A Pune-based company, Green Joules, makes renewable biofuels or ‘drop-in fuels’ from agricultural residue and renewable wastes from agro-processing industries, which can be used for industrial and commercial purposes.
This article has been sponsored by Wingify Earth.
The cars we drive, the trucks that carry our raw materials, and the diesel generators that power our homes are often the biggest contributors to toxin levels in our air. Vehicles and generator sets operating on petrol and diesel are said to cause at least 30 per cent of the pollution in Indian cities. Furthermore, India is also the fourth biggest emitter of greenhouse gases in the world and contributes to 7.08 per cent of all global emissions.
These facts made a profound impact on Viraraghavan Sankaran, who began his career with Godrej and has worked at global brands such as Pepsi and Cargill. But, with an urge to pave a green path for India, he left his corporate job in 2018.
What started as his concern towards the environment united him and three other friends to work together to find sustainable fuel alternatives to secure the country’s future.
So, in 2018, Viraraghavan Sankaran, Radhika Viraraghavan, Shridhar V S and Sethunath Ramaswamy founded ‘Green Joules’. The company manufactures ‘drop-in fuels’ or advanced biofuels, produced from non-food biomass — agricultural residue, animal waste and renewable waste from agricultural industries — to serve as healthier and cleaner alternatives to petrol and diesel.
Biofuels offer great advantages in terms of economic and social sustainability. They can reduce the emission of greenhouse gases, help national energy security by reducing dependency on the import of crude oil, and can also help in rural development.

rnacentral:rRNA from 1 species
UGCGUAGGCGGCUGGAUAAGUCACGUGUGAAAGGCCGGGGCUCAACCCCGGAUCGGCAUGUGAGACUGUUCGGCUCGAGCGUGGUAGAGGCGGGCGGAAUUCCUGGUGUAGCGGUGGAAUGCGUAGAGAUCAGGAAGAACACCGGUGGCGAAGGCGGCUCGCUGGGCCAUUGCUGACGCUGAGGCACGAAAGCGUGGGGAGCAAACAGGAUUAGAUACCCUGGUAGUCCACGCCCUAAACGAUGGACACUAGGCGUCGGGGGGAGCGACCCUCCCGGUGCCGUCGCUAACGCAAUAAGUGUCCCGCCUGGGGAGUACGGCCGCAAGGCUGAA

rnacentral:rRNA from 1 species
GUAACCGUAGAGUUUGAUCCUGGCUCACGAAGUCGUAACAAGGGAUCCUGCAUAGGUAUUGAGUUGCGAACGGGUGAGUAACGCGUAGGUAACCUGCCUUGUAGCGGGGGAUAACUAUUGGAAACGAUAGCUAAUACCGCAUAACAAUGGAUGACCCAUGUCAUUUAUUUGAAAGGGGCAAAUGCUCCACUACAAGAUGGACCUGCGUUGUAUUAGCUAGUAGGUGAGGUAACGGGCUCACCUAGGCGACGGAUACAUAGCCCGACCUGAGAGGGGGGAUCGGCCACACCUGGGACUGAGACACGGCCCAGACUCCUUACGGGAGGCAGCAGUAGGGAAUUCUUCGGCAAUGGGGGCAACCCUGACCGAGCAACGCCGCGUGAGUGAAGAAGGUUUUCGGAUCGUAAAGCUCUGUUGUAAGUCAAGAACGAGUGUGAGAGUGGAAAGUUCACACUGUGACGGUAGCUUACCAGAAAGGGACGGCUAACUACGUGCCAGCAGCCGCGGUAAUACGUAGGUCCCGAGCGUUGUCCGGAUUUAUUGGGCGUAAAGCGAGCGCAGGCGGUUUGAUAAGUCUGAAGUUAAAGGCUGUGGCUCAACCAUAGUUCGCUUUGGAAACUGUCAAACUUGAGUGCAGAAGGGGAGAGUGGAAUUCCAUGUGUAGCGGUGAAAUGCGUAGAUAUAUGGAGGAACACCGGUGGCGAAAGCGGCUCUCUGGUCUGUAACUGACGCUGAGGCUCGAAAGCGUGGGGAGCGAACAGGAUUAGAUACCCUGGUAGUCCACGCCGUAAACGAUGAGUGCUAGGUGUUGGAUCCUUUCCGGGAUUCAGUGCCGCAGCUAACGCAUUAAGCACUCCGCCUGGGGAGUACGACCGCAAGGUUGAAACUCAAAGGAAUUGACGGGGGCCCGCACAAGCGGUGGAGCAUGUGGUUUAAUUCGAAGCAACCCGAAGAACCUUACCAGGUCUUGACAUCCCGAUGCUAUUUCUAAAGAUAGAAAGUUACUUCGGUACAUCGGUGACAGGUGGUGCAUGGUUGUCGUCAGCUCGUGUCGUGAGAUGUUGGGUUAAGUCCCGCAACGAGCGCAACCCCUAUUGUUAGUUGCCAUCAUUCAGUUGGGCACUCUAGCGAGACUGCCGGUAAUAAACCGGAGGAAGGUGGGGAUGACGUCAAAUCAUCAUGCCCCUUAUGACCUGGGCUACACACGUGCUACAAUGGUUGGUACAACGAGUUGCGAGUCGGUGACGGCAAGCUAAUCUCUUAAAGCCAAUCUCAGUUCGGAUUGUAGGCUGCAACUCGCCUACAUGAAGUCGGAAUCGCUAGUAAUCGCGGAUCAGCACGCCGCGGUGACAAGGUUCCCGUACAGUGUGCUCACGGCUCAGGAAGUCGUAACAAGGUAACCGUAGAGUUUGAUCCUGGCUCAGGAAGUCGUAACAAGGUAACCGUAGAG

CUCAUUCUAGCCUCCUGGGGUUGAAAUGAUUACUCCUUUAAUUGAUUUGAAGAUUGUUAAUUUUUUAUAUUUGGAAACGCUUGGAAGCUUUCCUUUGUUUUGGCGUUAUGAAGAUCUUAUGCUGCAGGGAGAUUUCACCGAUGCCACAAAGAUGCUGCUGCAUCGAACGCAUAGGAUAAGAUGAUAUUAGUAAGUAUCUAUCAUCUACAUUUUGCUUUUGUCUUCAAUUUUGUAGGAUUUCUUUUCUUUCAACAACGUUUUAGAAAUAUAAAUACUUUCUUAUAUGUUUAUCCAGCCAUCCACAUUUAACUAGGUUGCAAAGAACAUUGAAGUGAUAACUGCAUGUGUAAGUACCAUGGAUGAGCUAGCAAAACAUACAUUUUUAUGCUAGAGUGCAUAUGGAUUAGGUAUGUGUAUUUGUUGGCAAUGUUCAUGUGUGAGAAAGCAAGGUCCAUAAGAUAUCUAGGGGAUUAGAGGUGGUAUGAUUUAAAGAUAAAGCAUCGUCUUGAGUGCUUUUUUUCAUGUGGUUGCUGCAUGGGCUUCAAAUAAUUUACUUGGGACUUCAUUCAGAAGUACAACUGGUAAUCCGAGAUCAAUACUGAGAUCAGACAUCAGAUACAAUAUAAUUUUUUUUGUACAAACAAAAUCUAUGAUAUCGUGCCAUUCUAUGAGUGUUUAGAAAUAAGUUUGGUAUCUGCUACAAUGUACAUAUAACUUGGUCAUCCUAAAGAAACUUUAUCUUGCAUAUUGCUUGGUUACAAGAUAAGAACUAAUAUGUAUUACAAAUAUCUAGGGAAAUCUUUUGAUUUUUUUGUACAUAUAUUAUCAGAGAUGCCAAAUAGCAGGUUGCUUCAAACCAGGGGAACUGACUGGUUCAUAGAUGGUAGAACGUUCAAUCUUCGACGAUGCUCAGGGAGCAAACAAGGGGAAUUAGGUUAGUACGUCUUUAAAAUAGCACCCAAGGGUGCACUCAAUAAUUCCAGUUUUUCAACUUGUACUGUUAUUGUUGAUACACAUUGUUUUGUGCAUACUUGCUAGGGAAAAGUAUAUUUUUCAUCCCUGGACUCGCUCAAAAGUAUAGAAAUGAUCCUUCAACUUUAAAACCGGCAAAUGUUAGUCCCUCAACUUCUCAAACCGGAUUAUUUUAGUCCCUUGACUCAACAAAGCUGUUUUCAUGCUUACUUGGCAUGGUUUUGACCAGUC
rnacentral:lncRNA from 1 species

According to the company, their biofuels use “non-food and non-feed waste” to manufacture the product. “This makes Green Joules’ biofuels a direct replacement for petroleum diesel,” they stated, adding that it can be used for commercial and industrial applications and has the ability to power diesel vehicles, boilers, and gensets.
Produced in accordance with BIS 1460 standards — that petroleum diesel comes in — the biofuel can be used without any changes.
The company offers ‘Abhilasha Liquid Fuel’ as their primary product which has been studied and approved by the Indian Insitute of Technology (IIT) Chennai. According to Green Joules, this unique product does not produce any sulphur oxide, the key pollutant emanating from fossil fuels, and opens up new opportunities for power generation.
Their second product ‘Abhilasha Biochar’ is a byproduct that can be used as a natural fertiliser. It has the ability to absorb five times its weight in water, can store carbon, and absorb phosphorus and nitrogen. This process also helps to enhance soil quality. Moreover, biochar can also be used as a replacement for cement to construct sustainable buildings.
Currently, they have a biorefinery in Chakan, Pune, but plan to scale up production with a larger facility to respond to the growing demand for green diesel.
Co-founder S Viraraghavan says that going ahead, the company will focus on developing high energy density liquids and gaseous biofuels, and use the opportunity to commercialise fuels manufactured by agro-wastes in India.
The company received Rs 4.5 million in funding from Blue Ashva Capital last year, which they plan to use for setting up waste-to-energy plants, and kick off new research and development initiatives.
“With this round of funding, we are well-placed to play a significant role in serving the large industrial market, who have board mandates to switch to environment-friendly fuels,” co-founder and chief executive V S Shridhar told The Economic Times.
With an eye on India’s zero carbon emission goals, Green Joules plans to soon establish a new 100 kilolitres biofuel plant, set to cost at least Rs 80 crore, and build refineries that can manufacture 7,500 kilolitres of biofuel every year.
“We believe in placing the needs of a clean environment first. Because we understand the fact that a clean environment is not a by-product of Indian prosperity, but it’s a necessary precondition for true prosperity of our future generation,” claims the company.
Vehicular emissions in India by CEEW, published on December 08, 2021.
Biofuels in India: Do the benefits justify the costs? by Observer Research Foundation, published on January 28, 2022.
Biofuel maker Greenjoules raises $4.5 million from Blue Ashva Capital by The Economic Times, published on June 09, 2021.
(Edited by Pranita Bhat)